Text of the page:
|Death: ||Apr. 24, 2011|
This Memorial Generously Sponsored By ♥ ♥ ♥ Sherri ♥ ♥ ♥
April 25, 2011 11:28 a.m.
Horse put down after being hit on Auburn Road
A beautiful Horse that was allowed to run loose and was struck by a vehicle Sunday in north Fort Wayne suffered injuries serious enough that it had to be euthanized Easter Sunday, said Belinda Lewis, the director of the city's Animal Care & Control division.
Between 6 and 7 a.m., a driver called authorities to report that she'd collided head-on with a horse in the middle of Auburn Road. "It was dark out. The horse went down and stayed down for a few minutes, got up and ran away before any officials got here," Lewis said, adding that the vehicle was significantly damaged and that the driver was not hurt.
A search for the horse Sunday morning was unsuccessful, but in the afternoon, a passerby reported seeing it along Auburn Road, an area with rolling terrain and woods. Near a house in the 8400 block of Auburn, animal control officers caught the horse. Lewis, who's not accustomed to handling horses, fashioned a halter using a dog leash to help control the skittish animal, which appeared to be a quarter horse.
On Thursday, two horses – a gelding and a filly – were found grazing unattended in Johnny Appleseed Park in Fort Wayne, but Lewis said nothing suggests those horses, which were in need of care and apparently had been abandoned, are linked to the horse injured Sunday.
"I would not jump to any kind of conclusion like that at this time," she said. "I would simply call it coincidence."
On Sunday, veterinarian Grant Minnemeyer was called to assess the injured horse. He arrived about 4 p.m. and determined the animal was suffering from shock, severe pain and internal hemorrhaging. Minnemeyer, with Conley and Koontz Equine Hospital in Columbia City, ruled that "the only humane thing to do at this point was euthanasia," Lewis said. "He said there was no question."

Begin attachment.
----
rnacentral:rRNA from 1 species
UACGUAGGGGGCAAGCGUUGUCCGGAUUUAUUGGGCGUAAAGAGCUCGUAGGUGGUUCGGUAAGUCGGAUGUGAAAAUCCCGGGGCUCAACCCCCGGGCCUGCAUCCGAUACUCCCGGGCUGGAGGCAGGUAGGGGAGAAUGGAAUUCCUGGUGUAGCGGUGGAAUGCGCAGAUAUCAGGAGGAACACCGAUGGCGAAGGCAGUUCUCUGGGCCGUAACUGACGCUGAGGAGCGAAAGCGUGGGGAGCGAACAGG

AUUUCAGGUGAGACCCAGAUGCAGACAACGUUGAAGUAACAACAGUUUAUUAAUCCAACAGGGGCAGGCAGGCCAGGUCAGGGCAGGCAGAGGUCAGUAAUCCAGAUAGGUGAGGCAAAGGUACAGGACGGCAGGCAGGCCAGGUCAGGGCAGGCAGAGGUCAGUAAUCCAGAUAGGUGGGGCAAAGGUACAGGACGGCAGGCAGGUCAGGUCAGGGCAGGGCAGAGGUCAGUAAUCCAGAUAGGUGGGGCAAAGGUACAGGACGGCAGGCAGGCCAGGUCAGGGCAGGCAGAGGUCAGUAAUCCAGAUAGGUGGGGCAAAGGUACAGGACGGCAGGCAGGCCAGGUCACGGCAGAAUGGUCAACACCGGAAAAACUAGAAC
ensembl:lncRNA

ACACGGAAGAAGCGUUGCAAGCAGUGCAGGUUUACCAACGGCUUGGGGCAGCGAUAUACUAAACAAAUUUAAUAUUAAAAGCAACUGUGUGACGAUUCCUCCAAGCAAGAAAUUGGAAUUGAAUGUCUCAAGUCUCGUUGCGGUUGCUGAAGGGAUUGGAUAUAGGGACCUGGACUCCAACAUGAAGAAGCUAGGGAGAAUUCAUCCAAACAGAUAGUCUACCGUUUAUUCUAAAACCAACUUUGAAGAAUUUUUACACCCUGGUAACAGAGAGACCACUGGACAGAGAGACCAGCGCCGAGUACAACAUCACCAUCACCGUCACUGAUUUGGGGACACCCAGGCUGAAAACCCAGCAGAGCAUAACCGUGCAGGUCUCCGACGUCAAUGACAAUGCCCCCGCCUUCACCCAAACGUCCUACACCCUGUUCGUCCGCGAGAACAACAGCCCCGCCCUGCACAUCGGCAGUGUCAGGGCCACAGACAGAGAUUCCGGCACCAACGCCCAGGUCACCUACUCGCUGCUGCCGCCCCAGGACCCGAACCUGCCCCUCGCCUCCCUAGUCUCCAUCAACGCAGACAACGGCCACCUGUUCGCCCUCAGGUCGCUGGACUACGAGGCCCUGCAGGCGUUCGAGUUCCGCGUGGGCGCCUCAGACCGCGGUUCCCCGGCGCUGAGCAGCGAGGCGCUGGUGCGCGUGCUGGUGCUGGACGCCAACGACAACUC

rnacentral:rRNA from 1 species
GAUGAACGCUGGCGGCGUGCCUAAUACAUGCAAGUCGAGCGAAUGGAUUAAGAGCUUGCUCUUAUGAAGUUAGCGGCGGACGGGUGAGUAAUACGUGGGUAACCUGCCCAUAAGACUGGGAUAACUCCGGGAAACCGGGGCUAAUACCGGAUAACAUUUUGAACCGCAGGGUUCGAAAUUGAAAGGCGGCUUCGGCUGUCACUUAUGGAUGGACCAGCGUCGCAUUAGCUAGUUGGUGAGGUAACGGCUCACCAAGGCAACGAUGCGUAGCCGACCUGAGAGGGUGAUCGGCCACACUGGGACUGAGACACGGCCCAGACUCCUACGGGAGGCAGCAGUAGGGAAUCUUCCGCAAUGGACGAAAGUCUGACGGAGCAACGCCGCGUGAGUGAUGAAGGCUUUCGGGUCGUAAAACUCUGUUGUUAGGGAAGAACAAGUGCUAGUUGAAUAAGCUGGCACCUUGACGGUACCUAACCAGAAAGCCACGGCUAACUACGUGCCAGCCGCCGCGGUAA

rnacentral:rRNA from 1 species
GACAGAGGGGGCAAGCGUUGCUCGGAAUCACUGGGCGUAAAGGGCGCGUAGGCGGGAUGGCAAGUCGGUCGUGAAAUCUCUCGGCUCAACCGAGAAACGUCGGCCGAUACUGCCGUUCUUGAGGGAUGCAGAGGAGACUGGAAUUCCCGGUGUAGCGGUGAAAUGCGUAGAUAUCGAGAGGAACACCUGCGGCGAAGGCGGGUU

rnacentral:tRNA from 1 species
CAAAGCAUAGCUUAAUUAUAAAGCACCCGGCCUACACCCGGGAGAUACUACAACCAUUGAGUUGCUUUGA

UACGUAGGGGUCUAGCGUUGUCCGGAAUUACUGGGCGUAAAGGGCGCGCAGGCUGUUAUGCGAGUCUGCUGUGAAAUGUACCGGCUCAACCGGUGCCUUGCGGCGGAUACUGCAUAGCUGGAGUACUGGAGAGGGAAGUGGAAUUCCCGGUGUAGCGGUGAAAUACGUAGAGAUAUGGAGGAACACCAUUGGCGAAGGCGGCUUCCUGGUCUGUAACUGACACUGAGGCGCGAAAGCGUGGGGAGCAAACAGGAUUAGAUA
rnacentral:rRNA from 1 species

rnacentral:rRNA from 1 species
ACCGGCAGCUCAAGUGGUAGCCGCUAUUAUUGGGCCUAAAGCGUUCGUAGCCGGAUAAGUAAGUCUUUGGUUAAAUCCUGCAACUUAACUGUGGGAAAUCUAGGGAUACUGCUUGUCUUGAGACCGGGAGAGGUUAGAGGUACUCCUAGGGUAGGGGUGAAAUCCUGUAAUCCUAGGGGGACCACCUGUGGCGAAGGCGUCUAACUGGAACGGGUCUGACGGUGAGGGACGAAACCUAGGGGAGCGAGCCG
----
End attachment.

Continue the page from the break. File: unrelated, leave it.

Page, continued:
The horse, which had a deep chest wound and injuries to its legs, was euthanized as it lay in a row of trees and shrubs. Before the vet showed up, animal control officers comforted the young male horse, petting its mane and supporting its head.
"This is not a common situation. It's very unfortunate for whoever the owner is. It's quite possible that the owner doesn't even know at this point that they're missing their horse," Lewis said. "It's possible this horse is escaped from a fence or a barn area, and they just don't know yet."
Authorities checked with local stables, but none was missing a horse or knew who owned the horse.
Sgt. Bill Walsh of the Fort Wayne Police Department helped the animal control officers at the scene.
Walsh, a former mounted officer who owns several horses, reflected on the sad events.
"I had to put a couple horses down and I hated doing it, but sometimes you're forced into it," he said. "It's hard when it's not even my horse."
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Created by: Steve
Record added: May 08, 2011
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